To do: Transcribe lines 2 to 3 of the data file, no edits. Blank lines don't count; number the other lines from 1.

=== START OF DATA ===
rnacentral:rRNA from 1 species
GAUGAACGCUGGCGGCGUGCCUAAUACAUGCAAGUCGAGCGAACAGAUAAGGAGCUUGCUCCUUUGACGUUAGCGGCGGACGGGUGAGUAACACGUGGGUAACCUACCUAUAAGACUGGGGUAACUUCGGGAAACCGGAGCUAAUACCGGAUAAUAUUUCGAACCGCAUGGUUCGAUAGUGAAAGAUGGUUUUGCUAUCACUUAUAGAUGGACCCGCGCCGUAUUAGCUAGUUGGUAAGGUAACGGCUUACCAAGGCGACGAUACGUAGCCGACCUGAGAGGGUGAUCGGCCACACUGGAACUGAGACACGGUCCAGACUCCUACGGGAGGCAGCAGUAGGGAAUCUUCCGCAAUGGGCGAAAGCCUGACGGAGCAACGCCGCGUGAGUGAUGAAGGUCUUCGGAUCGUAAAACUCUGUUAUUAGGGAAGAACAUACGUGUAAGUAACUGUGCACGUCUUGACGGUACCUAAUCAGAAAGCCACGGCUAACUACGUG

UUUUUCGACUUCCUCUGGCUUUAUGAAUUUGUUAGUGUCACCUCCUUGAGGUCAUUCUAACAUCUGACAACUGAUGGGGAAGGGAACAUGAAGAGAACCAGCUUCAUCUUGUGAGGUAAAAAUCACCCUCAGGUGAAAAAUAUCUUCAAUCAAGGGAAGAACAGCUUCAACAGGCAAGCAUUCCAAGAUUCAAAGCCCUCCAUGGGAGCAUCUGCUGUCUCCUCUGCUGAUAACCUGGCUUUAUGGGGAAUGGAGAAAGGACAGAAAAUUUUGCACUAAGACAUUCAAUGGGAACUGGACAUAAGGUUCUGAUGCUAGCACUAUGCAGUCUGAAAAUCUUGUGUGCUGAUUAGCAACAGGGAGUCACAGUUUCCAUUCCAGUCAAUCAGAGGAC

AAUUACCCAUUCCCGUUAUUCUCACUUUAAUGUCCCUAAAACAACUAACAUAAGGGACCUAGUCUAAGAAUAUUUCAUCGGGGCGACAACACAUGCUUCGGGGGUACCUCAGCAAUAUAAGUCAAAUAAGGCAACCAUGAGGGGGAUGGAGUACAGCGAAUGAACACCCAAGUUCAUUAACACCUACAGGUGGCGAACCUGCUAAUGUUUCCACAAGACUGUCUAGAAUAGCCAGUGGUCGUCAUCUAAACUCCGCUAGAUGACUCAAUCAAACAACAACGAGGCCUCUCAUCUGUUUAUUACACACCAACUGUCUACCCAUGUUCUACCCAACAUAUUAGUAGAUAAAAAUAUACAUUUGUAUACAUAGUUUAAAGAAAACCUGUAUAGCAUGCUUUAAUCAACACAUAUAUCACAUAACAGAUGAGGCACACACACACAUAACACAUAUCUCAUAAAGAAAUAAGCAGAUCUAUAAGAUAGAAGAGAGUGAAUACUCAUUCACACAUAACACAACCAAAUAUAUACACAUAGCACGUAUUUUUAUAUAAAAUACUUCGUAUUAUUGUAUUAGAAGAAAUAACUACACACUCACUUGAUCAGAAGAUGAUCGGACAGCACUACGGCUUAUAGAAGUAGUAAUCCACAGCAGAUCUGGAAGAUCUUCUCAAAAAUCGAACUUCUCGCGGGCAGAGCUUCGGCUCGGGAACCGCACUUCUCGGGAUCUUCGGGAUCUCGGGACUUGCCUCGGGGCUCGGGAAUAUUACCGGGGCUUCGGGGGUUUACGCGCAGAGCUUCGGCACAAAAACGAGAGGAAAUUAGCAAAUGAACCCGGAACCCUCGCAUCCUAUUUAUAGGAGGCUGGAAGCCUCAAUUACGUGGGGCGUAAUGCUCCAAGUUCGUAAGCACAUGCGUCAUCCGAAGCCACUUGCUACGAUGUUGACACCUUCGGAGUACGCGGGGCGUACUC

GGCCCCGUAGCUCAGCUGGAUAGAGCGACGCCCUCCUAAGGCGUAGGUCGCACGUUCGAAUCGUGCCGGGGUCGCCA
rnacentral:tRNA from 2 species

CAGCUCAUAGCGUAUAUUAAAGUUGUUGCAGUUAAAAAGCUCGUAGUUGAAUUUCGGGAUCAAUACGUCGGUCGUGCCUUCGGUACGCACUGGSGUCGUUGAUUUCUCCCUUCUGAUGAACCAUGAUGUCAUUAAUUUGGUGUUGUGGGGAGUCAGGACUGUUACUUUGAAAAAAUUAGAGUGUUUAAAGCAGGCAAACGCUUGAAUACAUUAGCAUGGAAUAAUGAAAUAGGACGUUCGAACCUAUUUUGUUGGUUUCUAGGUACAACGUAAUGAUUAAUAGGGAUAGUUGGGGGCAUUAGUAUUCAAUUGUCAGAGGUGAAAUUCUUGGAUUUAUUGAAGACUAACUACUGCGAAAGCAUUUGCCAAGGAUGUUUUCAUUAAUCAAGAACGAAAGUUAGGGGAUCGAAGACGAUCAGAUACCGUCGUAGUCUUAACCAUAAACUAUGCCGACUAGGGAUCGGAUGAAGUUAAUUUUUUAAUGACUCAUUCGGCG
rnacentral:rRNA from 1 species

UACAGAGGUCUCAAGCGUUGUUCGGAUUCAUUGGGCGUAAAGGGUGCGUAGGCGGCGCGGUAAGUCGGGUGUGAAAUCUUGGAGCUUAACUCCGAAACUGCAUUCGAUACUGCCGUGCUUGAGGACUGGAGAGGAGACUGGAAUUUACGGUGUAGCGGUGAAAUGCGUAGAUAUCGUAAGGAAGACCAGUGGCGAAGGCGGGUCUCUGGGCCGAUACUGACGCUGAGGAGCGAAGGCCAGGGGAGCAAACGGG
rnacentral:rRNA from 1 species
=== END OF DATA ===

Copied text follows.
GAUGAACGCUGGCGGCGUGCCUAAUACAUGCAAGUCGAGCGAACAGAUAAGGAGCUUGCUCCUUUGACGUUAGCGGCGGACGGGUGAGUAACACGUGGGUAACCUACCUAUAAGACUGGGGUAACUUCGGGAAACCGGAGCUAAUACCGGAUAAUAUUUCGAACCGCAUGGUUCGAUAGUGAAAGAUGGUUUUGCUAUCACUUAUAGAUGGACCCGCGCCGUAUUAGCUAGUUGGUAAGGUAACGGCUUACCAAGGCGACGAUACGUAGCCGACCUGAGAGGGUGAUCGGCCACACUGGAACUGAGACACGGUCCAGACUCCUACGGGAGGCAGCAGUAGGGAAUCUUCCGCAAUGGGCGAAAGCCUGACGGAGCAACGCCGCGUGAGUGAUGAAGGUCUUCGGAUCGUAAAACUCUGUUAUUAGGGAAGAACAUACGUGUAAGUAACUGUGCACGUCUUGACGGUACCUAAUCAGAAAGCCACGGCUAACUACGUG

UUUUUCGACUUCCUCUGGCUUUAUGAAUUUGUUAGUGUCACCUCCUUGAGGUCAUUCUAACAUCUGACAACUGAUGGGGAAGGGAACAUGAAGAGAACCAGCUUCAUCUUGUGAGGUAAAAAUCACCCUCAGGUGAAAAAUAUCUUCAAUCAAGGGAAGAACAGCUUCAACAGGCAAGCAUUCCAAGAUUCAAAGCCCUCCAUGGGAGCAUCUGCUGUCUCCUCUGCUGAUAACCUGGCUUUAUGGGGAAUGGAGAAAGGACAGAAAAUUUUGCACUAAGACAUUCAAUGGGAACUGGACAUAAGGUUCUGAUGCUAGCACUAUGCAGUCUGAAAAUCUUGUGUGCUGAUUAGCAACAGGGAGUCACAGUUUCCAUUCCAGUCAAUCAGAGGAC